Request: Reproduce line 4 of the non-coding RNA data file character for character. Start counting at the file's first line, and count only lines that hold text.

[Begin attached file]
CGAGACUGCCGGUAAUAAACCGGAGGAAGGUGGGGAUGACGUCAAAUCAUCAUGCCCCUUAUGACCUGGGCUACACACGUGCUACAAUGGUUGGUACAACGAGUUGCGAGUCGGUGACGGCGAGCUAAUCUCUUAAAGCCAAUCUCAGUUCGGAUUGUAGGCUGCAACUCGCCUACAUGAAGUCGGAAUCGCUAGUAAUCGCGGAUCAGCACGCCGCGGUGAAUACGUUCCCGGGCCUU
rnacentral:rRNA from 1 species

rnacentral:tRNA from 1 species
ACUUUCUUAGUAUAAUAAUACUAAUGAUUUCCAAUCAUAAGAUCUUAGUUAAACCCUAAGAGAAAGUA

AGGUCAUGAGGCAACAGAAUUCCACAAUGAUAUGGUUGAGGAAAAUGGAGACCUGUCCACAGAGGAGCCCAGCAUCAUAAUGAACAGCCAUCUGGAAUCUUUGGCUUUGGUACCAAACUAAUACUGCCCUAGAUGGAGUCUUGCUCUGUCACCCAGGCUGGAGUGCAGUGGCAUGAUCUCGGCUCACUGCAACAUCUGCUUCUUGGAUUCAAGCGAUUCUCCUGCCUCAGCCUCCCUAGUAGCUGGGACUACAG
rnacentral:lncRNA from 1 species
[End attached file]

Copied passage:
ACUUUCUUAGUAUAAUAAUACUAAUGAUUUCCAAUCAUAAGAUCUUAGUUAAACCCUAAGAGAAAGUA